SEATTLE — Providers of health care in the nation’s poorest neighborhoods are used to toiling below the radar, treating chronic diseases and other ravages of poverty in places many Americans never see.
But the spillover effects of the coronavirus, in cutting off routine procedures and checkups that are the day-to-day rhythm of medical economics, are hitting this sector hard too, with layoffs, furloughs and fears that a system of government-supported clinics dating back to the 1960s War on Poverty could collapse.
“Our first official day of unemployment was the 23rd,” said Tracy Baker, 39, a dental auxiliary worker at a nonprofit medical clinic in a rural area of northeast Washington state where the jobless rate was already more than double the national average even before the recent blows to the economy. Her husband, Josh, 41, a machinist, lost his own job a week after she did.
Baker’s employer, New Health Community Health Center, has laid off more than a third of its work force — 60 out of 175 — over the last two weeks, as revenues plummeted from fewer paid patient visits. “It’s heartbreaking for us,” said Desiree Sweeney, executive director of New Health. “They’re good people.”
The nation’s latticework of nonprofit community health centers was first established in the 1960s and now stretches across every state to provide about 29 million people with primary care, regardless of their ability to pay. Almost a quarter of the centers’ patients are uninsured, and almost 70% live in poverty. The centers are a crucial link in a fragmented American health care system that too often fails to reach into poor neighborhoods.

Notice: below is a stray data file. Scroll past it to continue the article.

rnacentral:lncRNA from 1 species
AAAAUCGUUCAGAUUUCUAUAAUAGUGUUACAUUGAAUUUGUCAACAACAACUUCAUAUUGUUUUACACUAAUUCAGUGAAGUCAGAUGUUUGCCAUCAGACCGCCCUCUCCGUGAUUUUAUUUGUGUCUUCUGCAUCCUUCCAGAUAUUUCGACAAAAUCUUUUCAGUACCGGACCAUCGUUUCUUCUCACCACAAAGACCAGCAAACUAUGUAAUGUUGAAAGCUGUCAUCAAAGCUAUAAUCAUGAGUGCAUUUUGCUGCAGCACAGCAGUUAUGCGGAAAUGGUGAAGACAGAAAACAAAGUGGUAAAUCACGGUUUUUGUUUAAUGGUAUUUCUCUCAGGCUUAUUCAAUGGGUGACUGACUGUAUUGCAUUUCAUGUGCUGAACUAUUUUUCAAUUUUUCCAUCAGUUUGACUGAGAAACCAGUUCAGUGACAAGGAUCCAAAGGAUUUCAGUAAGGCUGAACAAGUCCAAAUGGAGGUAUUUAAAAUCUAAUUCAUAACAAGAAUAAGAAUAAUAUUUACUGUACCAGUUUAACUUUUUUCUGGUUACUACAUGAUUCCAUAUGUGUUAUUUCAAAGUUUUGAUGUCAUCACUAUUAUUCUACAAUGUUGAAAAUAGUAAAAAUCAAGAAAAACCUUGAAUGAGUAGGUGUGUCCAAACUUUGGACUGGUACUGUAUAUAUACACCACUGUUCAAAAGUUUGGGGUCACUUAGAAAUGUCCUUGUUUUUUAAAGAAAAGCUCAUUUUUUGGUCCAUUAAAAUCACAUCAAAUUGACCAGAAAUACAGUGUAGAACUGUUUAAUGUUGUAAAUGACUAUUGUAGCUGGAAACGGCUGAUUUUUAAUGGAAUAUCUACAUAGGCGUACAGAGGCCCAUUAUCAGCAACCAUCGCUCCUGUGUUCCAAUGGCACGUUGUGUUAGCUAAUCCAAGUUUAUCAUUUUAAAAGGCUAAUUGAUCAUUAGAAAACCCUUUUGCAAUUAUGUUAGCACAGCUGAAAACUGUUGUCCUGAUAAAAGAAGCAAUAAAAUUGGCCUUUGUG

Recent years have been pretty good for these places. When most states expanded Medicaid under the Affordable Care Act to cover many previously uninsured low-income adults, many community health centers saw their revenues improve, sometimes dramatically. But now, the centers are being battered by ferocious crosswinds as routine medical care — including dental work, a primary source of revenue — has been put on hold to conserve resources and keep the coronavirus from spreading.
At the same time, doctors and administrators in clinics from Massachusetts, Kentucky, Idaho, Iowa and Washington state said they are being put in a new role: working with hospitals to screen people for the virus, while bracing for a surge in patients if those hospitals become overwhelmed and people have nowhere else to go — plus preparing for a time of greater economic pain in their already struggling patient populations.
“I worry a lot that if community health centers go away, we won’t as a society hear the struggles of these people.”
— Chuck Jones, Harbor Health Services of Massachusetts
“We are expecting there will be more people seeking our services at the same time we’re not able to keep all our staff on hand,” said Chuck Jones, chief executive at Harbor Health Services, which runs six community health centers from Boston to Cape Cod.
Jones was forced to furlough 160 people over the last few weeks — a quarter of the work force. In consolidating care and staff, he also had to shut down in-person appointments at the nation’s first community health center, called Geiger Gibson, which opened in 1965 in the basement of a public-housing project in Boston’s Dorchester neighborhood.